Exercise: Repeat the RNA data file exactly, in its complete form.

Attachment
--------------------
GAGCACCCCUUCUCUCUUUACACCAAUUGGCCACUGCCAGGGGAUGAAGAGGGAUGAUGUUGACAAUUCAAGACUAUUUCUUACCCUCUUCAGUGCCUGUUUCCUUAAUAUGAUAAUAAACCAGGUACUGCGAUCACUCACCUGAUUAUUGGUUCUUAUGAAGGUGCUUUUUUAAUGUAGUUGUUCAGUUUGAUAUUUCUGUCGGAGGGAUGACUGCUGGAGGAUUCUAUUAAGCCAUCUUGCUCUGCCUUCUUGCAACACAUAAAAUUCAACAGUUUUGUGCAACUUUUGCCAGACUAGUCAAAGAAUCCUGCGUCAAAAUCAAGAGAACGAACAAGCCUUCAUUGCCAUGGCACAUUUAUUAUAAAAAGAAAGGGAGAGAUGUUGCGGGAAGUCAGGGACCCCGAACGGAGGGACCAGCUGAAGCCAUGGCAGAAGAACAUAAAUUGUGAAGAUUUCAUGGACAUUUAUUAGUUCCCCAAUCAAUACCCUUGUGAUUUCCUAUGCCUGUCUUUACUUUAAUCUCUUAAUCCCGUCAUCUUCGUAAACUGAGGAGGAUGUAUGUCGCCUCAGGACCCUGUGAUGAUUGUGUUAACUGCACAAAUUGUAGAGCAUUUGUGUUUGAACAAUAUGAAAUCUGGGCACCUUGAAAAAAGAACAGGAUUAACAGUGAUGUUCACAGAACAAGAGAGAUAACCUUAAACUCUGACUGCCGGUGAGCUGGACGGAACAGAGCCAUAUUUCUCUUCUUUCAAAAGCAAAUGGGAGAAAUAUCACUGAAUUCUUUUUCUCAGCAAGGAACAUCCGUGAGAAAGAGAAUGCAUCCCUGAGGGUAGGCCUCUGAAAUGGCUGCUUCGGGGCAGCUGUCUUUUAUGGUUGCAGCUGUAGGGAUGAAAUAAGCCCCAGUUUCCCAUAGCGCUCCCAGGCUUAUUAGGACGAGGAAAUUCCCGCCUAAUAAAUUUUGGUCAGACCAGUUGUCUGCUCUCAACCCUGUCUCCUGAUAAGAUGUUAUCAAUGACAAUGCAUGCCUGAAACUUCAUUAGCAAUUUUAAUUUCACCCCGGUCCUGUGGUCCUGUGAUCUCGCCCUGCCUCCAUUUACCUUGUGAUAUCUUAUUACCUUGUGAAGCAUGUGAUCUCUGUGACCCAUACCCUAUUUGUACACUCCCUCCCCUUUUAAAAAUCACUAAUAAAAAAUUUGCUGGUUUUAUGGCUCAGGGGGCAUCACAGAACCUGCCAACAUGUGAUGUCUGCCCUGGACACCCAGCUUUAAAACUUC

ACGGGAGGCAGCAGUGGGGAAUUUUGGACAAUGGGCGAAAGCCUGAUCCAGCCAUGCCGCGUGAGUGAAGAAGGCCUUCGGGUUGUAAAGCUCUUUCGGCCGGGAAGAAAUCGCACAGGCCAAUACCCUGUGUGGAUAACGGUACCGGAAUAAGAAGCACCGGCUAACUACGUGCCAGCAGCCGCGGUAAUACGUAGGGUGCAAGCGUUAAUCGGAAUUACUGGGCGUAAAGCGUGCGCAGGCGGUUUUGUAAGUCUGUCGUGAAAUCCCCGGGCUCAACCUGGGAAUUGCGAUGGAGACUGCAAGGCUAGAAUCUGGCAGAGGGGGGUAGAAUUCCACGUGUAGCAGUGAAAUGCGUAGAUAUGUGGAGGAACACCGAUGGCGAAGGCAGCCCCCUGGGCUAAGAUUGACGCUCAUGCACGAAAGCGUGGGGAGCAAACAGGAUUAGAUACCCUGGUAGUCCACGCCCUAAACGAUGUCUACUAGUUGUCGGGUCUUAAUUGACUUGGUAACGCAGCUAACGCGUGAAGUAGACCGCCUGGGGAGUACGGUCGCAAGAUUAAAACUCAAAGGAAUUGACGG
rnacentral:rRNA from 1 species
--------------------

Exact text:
GAGCACCCCUUCUCUCUUUACACCAAUUGGCCACUGCCAGGGGAUGAAGAGGGAUGAUGUUGACAAUUCAAGACUAUUUCUUACCCUCUUCAGUGCCUGUUUCCUUAAUAUGAUAAUAAACCAGGUACUGCGAUCACUCACCUGAUUAUUGGUUCUUAUGAAGGUGCUUUUUUAAUGUAGUUGUUCAGUUUGAUAUUUCUGUCGGAGGGAUGACUGCUGGAGGAUUCUAUUAAGCCAUCUUGCUCUGCCUUCUUGCAACACAUAAAAUUCAACAGUUUUGUGCAACUUUUGCCAGACUAGUCAAAGAAUCCUGCGUCAAAAUCAAGAGAACGAACAAGCCUUCAUUGCCAUGGCACAUUUAUUAUAAAAAGAAAGGGAGAGAUGUUGCGGGAAGUCAGGGACCCCGAACGGAGGGACCAGCUGAAGCCAUGGCAGAAGAACAUAAAUUGUGAAGAUUUCAUGGACAUUUAUUAGUUCCCCAAUCAAUACCCUUGUGAUUUCCUAUGCCUGUCUUUACUUUAAUCUCUUAAUCCCGUCAUCUUCGUAAACUGAGGAGGAUGUAUGUCGCCUCAGGACCCUGUGAUGAUUGUGUUAACUGCACAAAUUGUAGAGCAUUUGUGUUUGAACAAUAUGAAAUCUGGGCACCUUGAAAAAAGAACAGGAUUAACAGUGAUGUUCACAGAACAAGAGAGAUAACCUUAAACUCUGACUGCCGGUGAGCUGGACGGAACAGAGCCAUAUUUCUCUUCUUUCAAAAGCAAAUGGGAGAAAUAUCACUGAAUUCUUUUUCUCAGCAAGGAACAUCCGUGAGAAAGAGAAUGCAUCCCUGAGGGUAGGCCUCUGAAAUGGCUGCUUCGGGGCAGCUGUCUUUUAUGGUUGCAGCUGUAGGGAUGAAAUAAGCCCCAGUUUCCCAUAGCGCUCCCAGGCUUAUUAGGACGAGGAAAUUCCCGCCUAAUAAAUUUUGGUCAGACCAGUUGUCUGCUCUCAACCCUGUCUCCUGAUAAGAUGUUAUCAAUGACAAUGCAUGCCUGAAACUUCAUUAGCAAUUUUAAUUUCACCCCGGUCCUGUGGUCCUGUGAUCUCGCCCUGCCUCCAUUUACCUUGUGAUAUCUUAUUACCUUGUGAAGCAUGUGAUCUCUGUGACCCAUACCCUAUUUGUACACUCCCUCCCCUUUUAAAAAUCACUAAUAAAAAAUUUGCUGGUUUUAUGGCUCAGGGGGCAUCACAGAACCUGCCAACAUGUGAUGUCUGCCCUGGACACCCAGCUUUAAAACUUC

ACGGGAGGCAGCAGUGGGGAAUUUUGGACAAUGGGCGAAAGCCUGAUCCAGCCAUGCCGCGUGAGUGAAGAAGGCCUUCGGGUUGUAAAGCUCUUUCGGCCGGGAAGAAAUCGCACAGGCCAAUACCCUGUGUGGAUAACGGUACCGGAAUAAGAAGCACCGGCUAACUACGUGCCAGCAGCCGCGGUAAUACGUAGGGUGCAAGCGUUAAUCGGAAUUACUGGGCGUAAAGCGUGCGCAGGCGGUUUUGUAAGUCUGUCGUGAAAUCCCCGGGCUCAACCUGGGAAUUGCGAUGGAGACUGCAAGGCUAGAAUCUGGCAGAGGGGGGUAGAAUUCCACGUGUAGCAGUGAAAUGCGUAGAUAUGUGGAGGAACACCGAUGGCGAAGGCAGCCCCCUGGGCUAAGAUUGACGCUCAUGCACGAAAGCGUGGGGAGCAAACAGGAUUAGAUACCCUGGUAGUCCACGCCCUAAACGAUGUCUACUAGUUGUCGGGUCUUAAUUGACUUGGUAACGCAGCUAACGCGUGAAGUAGACCGCCUGGGGAGUACGGUCGCAAGAUUAAAACUCAAAGGAAUUGACGG
rnacentral:rRNA from 1 species